Sure, making mistakes is a great way to learn. But what if you could avoid making some of them with the advice of people who know what can go wrong from their experience (direct or indirect)?

Here are 18+ mistakes the experts presenting at the 2023 Creator Economy Expo don’t want you to make. (And yes, some of the advice conflicts a little, so think about what works best for your business.)

Nora Dunn

1. Starting things in the wrong order

Nora Dunn, The Professional Hobo:

“Shall I lead (or rather, make mistakes) by example? Yes, let’s do that. Why not. YOLO and all that. To sidestep the Great Mistake of 2023, consider the order in which you want to develop various projects and income streams. 

“I didn’t spend enough time doing that this year, and I started the wrong project first, which took way longer to build than I’d anticipated and left me short on both time and cash flow to get the other project going. The other project was undoubtedly further from my comfort zone but would have been faster to set up and become profitable.

“So perhaps, more so than even strategizing the order in which to do things, this is a call to look at your content business with a critical eye, develop a plan, and don’t be afraid to step out of your comfort zone.”

Joe Pulizzi

2. Slighting the content tilt

Joe Pulizzi, founder, The Tilt:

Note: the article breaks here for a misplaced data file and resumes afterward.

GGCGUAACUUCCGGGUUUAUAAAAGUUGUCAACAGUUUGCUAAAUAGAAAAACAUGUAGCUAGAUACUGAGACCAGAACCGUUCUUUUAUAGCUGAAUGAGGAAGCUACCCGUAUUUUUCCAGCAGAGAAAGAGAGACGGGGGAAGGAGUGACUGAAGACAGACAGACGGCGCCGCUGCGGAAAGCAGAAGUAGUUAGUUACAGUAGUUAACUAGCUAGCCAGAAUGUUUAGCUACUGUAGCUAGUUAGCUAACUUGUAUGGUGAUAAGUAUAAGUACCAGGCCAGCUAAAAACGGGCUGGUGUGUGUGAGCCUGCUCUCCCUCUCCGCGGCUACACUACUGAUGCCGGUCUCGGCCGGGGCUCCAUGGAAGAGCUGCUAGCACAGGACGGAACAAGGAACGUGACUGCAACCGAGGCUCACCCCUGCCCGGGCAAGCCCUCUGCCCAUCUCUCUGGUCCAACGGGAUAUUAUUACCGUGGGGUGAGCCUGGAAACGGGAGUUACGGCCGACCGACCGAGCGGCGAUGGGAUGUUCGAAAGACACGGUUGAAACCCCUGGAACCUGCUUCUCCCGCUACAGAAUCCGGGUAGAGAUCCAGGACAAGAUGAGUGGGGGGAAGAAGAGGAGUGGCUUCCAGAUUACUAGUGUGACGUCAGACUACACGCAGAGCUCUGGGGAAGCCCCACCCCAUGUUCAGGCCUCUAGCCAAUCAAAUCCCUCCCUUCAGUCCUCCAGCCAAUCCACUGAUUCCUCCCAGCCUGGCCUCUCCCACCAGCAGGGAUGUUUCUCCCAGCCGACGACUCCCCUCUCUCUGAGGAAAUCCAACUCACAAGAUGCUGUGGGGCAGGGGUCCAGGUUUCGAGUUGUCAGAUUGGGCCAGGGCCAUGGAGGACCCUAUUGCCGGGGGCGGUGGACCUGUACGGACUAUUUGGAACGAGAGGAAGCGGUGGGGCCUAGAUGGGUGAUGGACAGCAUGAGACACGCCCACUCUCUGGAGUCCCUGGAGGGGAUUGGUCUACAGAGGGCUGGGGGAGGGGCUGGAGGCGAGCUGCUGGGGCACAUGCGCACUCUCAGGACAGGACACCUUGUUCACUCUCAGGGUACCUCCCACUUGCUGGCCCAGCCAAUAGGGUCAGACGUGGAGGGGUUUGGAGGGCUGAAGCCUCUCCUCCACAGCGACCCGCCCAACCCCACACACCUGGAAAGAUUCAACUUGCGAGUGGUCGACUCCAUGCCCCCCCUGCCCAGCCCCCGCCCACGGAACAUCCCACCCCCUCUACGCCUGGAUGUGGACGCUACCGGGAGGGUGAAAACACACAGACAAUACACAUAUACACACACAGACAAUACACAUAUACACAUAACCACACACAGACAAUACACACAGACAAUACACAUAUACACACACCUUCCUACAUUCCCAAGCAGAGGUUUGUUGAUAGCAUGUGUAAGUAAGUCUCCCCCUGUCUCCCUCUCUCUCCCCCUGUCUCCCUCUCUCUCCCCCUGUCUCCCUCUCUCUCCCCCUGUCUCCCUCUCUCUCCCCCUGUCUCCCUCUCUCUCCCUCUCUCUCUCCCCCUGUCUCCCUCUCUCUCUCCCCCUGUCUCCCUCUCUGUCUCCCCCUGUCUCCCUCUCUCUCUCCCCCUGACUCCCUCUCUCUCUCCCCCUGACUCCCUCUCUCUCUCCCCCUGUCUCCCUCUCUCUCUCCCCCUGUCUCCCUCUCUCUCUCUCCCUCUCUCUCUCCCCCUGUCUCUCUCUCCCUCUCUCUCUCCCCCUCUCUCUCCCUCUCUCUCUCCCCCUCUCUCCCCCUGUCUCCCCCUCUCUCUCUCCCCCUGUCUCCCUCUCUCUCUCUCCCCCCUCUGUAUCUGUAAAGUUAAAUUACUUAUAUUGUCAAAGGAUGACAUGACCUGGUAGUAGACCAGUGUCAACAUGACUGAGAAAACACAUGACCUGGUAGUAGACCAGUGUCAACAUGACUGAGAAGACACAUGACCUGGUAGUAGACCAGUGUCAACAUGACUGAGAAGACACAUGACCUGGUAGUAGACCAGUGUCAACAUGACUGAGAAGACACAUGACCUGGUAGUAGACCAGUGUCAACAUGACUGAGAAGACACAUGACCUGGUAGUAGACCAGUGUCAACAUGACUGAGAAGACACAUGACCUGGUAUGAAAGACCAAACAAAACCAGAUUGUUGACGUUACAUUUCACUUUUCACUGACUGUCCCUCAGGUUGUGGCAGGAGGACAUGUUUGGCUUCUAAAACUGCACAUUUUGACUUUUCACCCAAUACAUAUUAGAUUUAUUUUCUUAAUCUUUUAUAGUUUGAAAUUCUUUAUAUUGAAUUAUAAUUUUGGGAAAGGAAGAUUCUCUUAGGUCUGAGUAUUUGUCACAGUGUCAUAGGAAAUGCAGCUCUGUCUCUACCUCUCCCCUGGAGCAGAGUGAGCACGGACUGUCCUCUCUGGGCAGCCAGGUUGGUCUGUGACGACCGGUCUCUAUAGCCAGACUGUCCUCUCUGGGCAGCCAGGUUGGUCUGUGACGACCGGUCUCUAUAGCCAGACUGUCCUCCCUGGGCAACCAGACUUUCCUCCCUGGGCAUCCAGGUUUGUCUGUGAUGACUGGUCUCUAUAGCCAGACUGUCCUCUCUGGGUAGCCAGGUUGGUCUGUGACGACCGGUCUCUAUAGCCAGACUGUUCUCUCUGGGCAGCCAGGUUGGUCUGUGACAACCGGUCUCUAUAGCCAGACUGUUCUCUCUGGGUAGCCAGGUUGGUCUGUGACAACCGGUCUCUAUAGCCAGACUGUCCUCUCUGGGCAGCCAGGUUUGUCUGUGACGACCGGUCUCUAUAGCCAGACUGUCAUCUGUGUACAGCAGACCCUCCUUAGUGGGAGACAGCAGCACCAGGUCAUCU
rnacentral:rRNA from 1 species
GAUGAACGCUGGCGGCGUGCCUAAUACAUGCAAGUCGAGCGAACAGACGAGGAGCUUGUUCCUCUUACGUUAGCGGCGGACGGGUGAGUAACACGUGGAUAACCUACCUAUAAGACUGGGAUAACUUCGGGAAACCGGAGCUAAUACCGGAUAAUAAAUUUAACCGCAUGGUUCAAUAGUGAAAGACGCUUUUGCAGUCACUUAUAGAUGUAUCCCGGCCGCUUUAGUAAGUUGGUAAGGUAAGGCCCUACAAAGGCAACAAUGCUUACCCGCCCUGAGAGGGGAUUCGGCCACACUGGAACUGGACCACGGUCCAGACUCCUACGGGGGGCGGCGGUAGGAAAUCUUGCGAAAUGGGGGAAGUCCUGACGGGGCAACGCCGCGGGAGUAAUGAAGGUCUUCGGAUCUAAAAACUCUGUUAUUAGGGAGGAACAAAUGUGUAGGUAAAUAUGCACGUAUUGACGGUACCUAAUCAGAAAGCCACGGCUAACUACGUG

“I could say consistency or focusing on too many content creation activities at one time, but the big winner is differentiation. Most content creators just don’t stand out enough. They talk about the same things as everyone else. Creators need to get more niche and create different missions. It’s not easy, but it’s the only way.”

Gianina Skarlett

3. Dismissing this tactic

Gianina Skarlett, founder, CEO, and lead engineer, W3 Learn Academy and Crypto Tech Women:

“One of the most common errors that content creators who are or want to be content entrepreneurs may make in 2023 is failing to prioritize the creation and distribution of newsletters.

“Newsletters can be an effective way to own a direct form of communication with your audience that does not rely on social apps, as well as ways to consistently engage with and nurture relationships with your audience, as well as drive traffic to your website and other content.”

Creators make a mistake when they fail to prioritize the creation and distribution of newsletters, says @CryptoTechWomen. #CreatorExpo #ContentEntrepreneur Click To Tweet
Brian Piper

4. Focusing only on the words

Brian Piper, director of content strategy and assessment, University of Rochester:

“I’m always surprised how many creators don’t look at their data to figure out what’s working and how many don’t go back and optimize existing content for better performance.”

Maliha Khan

5. Forgetting the strategy

Maliha Khan, principal, Khanect the Dots: